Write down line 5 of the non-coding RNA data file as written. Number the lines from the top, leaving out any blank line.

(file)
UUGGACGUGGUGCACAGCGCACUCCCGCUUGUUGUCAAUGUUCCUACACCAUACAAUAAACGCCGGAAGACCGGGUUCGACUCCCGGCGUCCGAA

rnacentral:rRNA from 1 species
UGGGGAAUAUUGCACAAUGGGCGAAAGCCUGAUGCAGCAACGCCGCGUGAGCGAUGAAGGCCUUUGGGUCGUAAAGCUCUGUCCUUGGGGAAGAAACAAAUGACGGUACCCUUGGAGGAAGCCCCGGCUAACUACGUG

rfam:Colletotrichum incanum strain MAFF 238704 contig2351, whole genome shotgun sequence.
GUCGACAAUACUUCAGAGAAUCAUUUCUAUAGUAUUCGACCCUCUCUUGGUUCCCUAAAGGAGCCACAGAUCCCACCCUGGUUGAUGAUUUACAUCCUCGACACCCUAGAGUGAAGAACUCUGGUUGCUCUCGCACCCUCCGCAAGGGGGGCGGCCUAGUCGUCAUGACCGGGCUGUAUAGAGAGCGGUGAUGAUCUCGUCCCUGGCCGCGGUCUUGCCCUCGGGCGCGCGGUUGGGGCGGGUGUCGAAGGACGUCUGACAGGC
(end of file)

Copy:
GUCGACAAUACUUCAGAGAAUCAUUUCUAUAGUAUUCGACCCUCUCUUGGUUCCCUAAAGGAGCCACAGAUCCCACCCUGGUUGAUGAUUUACAUCCUCGACACCCUAGAGUGAAGAACUCUGGUUGCUCUCGCACCCUCCGCAAGGGGGGCGGCCUAGUCGUCAUGACCGGGCUGUAUAGAGAGCGGUGAUGAUCUCGUCCCUGGCCGCGGUCUUGCCCUCGGGCGCGCGGUUGGGGCGGGUGUCGAAGGACGUCUGACAGGC